As Turkey’s oldest tourism destination, Bodrum’s charms are well documented. Its pretty bays, beautiful distant islands and upmarket beach clubs are a big draw for sunseekers, while its cultural and historical attractions allow visitors to take a glimpse into ancient times. We answer a few of the most commonly asked questions about visiting Bodrum, so you’ll be armed with all the information you need to book your next trip.
Property Turkey Blog
Bodrum, on the western coast of Turkey, has been a favourite holiday destination for both Turks and foreigners for many decades. These days, the Bodrum peninsula is an all-rounder accommodating budget travellers as well as international yachts. It also attracts the fabulously wealthy people of the world, lured by the promise of blue seas, gourmet food and exclusivity given by the hospitality industry of the region.
A downturn in visitor numbers has meant a corresponding drop in interest in Turkish property. However, as experts predict a return to form in 2018, demand - along with prices - is expected to increase. Add a low Lira and Brexit into the equation, and you have the perfect buyer’s market. We explain why the time to buy in British favourites Fethiye and Kalkan is now.
In 2007, Turkey unveiled their strategic tourism plan. With a deadline of 2023, that will be the 100th year anniversary of the Turkish Republic, the project aimed to make the country one of the top ten most visited destinations in the world. After the troubles of 2016, the Turkish tourism market has adjusted in 2017 with new plans to bounce back in 2018. Find out why 2018 just might be Turkey's year to get back on track.
Across the world, one common complaint about city living is that it loses its intimacy. However, builders in Istanbul, the most forward thinking and advancing city in Turkey have found a way around this. Knowing their heritage like the back of their hand, they are incorporating the traditional community features into the large skyscraper buildings springing up all over the city. So, the social traditions are still there; they just look different.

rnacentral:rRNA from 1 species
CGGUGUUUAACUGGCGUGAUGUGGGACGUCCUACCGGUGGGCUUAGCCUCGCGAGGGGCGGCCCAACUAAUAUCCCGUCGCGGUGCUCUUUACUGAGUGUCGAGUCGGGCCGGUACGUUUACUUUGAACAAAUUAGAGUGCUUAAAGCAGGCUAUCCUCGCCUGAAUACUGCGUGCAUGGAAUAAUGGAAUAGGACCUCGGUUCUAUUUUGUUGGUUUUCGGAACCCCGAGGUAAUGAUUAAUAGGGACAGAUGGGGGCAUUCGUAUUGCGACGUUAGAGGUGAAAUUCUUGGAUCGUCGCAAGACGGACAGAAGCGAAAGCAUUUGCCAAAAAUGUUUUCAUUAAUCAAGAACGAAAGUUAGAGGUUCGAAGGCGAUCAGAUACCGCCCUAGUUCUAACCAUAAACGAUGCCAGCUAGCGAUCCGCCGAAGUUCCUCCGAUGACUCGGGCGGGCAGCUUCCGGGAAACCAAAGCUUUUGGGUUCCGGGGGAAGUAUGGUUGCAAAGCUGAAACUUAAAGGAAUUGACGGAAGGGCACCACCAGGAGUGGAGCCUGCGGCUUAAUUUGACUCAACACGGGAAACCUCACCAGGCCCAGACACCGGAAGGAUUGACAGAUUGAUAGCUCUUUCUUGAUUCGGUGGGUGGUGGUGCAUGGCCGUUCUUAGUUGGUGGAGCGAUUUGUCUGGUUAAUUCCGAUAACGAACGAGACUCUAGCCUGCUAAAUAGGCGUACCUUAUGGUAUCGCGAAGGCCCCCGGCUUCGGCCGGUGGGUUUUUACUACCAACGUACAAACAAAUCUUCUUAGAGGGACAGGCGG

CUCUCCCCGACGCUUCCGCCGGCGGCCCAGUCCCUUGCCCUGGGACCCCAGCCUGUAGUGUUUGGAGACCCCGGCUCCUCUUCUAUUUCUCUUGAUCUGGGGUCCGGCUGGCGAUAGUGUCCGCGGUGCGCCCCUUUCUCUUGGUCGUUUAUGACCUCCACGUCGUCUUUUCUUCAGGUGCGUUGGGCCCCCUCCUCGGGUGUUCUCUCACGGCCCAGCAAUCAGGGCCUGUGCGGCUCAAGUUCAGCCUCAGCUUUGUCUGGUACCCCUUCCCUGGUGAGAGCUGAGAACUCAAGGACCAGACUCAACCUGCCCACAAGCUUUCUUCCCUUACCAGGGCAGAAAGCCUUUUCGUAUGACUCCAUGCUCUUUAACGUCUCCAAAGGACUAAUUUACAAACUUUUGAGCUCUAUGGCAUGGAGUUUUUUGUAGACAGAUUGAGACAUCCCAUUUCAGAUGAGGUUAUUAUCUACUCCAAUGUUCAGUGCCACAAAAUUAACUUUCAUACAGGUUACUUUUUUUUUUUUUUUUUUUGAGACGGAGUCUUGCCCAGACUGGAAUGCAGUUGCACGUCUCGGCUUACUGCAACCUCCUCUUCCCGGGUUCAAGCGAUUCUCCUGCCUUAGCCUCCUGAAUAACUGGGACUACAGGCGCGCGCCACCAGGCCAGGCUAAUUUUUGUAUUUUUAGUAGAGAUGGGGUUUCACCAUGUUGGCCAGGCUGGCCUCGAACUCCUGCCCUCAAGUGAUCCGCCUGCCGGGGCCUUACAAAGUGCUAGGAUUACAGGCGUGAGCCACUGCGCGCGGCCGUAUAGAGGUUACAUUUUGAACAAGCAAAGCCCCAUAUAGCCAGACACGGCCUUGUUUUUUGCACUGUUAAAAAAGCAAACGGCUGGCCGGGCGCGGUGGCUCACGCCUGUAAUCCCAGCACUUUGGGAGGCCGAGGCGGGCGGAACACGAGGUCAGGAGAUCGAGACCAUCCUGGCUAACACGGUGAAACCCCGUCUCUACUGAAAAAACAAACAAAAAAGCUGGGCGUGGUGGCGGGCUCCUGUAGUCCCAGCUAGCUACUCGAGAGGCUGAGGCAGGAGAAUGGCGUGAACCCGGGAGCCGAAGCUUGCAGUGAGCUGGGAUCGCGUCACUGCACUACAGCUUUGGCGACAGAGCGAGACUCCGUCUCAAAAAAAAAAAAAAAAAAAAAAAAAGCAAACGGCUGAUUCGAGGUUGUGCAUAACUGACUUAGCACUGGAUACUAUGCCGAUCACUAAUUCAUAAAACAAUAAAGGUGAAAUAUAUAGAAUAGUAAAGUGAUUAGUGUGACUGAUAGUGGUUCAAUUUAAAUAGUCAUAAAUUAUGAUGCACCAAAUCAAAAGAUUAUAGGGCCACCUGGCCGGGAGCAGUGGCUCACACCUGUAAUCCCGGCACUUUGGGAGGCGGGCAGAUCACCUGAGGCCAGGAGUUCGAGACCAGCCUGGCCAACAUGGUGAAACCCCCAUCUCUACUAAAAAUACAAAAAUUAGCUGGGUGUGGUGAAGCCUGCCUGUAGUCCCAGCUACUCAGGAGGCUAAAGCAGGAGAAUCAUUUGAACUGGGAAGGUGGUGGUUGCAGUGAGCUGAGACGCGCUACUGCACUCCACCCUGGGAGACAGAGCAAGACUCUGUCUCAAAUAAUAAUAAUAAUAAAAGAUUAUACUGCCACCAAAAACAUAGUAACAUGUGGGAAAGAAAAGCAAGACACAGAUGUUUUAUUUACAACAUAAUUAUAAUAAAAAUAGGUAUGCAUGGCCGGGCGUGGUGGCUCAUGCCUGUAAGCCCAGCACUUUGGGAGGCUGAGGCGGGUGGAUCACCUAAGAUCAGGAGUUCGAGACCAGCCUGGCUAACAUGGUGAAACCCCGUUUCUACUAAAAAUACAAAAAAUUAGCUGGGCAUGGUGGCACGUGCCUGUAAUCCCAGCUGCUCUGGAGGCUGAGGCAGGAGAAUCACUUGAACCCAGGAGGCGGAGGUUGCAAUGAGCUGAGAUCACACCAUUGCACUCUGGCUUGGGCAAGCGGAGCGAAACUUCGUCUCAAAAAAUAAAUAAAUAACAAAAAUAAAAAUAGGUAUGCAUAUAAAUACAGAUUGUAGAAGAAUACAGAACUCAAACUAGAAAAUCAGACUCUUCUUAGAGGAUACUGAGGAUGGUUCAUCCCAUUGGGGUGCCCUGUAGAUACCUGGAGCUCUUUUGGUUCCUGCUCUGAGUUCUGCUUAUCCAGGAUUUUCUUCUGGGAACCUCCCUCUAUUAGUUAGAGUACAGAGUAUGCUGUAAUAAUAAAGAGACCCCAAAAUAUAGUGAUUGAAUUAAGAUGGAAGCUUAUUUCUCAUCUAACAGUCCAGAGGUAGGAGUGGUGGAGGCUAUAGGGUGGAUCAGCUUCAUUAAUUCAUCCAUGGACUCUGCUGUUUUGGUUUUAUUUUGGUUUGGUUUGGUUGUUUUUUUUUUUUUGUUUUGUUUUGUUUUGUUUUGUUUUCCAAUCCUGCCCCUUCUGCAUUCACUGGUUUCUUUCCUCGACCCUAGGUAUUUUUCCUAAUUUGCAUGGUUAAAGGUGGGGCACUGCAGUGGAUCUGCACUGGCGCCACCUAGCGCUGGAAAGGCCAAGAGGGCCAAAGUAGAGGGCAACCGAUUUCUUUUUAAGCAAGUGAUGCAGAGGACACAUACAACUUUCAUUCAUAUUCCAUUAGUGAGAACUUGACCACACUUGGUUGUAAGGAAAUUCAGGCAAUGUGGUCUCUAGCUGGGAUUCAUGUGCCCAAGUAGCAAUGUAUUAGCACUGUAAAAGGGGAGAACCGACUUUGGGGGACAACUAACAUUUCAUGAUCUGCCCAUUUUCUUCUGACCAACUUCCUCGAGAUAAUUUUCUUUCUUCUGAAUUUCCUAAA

In the last thirty years, the concept of living abroad has opened to the masses. Whereas pre- 1990s, it was restricted to affluent retirees, the advancement of travel, technology and the Internet means more people are looking at upping sticks to seek out an alternative lifestyle and in many cases, one that is more laid-back, healthier and of course, full of copious amounts of sun. Have a read of why you should consider retiring to Turkey.
Turkey is one of the ten most popular tourism destinations in the world, yet it lags far behind other countries in marina, sailing and yacht tourism. While places like Spain, Portugal and France were building marinas and yacht clubs in the 1940s, Turkey did not start until the 1990s. Hence it missed an excellent opportunity to become a leader in the yachting world. Real estate investors have a prime market for long-term investment, as naturally once a new marina is built, property values automatically increase.
Erdogan’s announcement that Turkey no longer needs EU membership has made headlines. Cooling Turkey-EU relations have cooled this year but as a longstanding trading partner and geopolitical ally, Europe needs Turkey more than ever before. We explore Turkey’s EU accession background and the case for keeping good relations.
Some people like familiarity. They have a small select group of lifelong friends, and they live their entire lives in the same city or town. However other people get the urge to spread their wings and these days. Indeed, many expats have descended on the shores of Turkey and are often found in the small Aegean and Mediterranean towns. Unfortunately, not everyone stays because there are some aspects of Turkish life that they just really can’t get their head around.
Erdogan's new fiscal measures are having a positive effect on the Turkish economy, which in turn is great news for anyone thinking of investing in Turkish property, as prices around the country - especially in Istanbul - continue to climb. Erdogan, who has spent the last 15 years transforming the country's economic fortunes, will need to continue his progress to keep voters onside.